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Hinged Screen

 
Bert Bates
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A hinged screen with two panels of the same size is placed into the (90 degree) corner of a room. At what angle should the panels be arranged so that the corner and the screen enclose the greatest area?

[ November 16, 2003: Message edited by: Bert Bates ]
 
Jim Yingst
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Hmmmm, a bit more complex than I first thought. I'm getting careless. Anyway, the angle with the wall is 3π/8, or 67.5°
 
Joel McNary
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Hmm.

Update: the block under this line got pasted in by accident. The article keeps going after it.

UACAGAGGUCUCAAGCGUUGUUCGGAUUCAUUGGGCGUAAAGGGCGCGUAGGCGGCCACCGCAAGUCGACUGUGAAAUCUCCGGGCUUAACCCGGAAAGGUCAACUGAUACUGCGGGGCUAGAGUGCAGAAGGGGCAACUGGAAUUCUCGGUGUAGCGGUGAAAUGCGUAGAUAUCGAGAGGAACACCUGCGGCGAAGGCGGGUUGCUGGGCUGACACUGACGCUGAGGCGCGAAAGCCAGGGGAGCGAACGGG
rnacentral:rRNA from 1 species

If the width of one panel is x, and the angle of the hinge is 90 degrees, then the area enclosed will be x^2, for you will have formed a square of side length x.
If you make the angle of this hinges 180 degrees (the two panels form a straight line), then you can make a 45-45-90 right triangle in the corner with a base of 2x and legs x * sqrt(2), creating a triangle with base 2x and height x, and thus having an area of x^2 (same as the square).
However, if you have an angle of 135 degrees, then you have created a shape that can be described as two trianlges that share the same base. That base is of length approx. 1.86 * x, and the two trangles have areas of .35 x ^2 and .85 x ^2, summing for an area of 1.2 x ^2
Since both extremes have been demonstrated to have the same value, (and since I never did do much with calculus), I will take as the maximum possible the midpoint between the two extremes (135 degrees), with an area of 1.2x^2.
 
Joel McNary
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Which does form an angle with the wall of 67.5 degrees.
 
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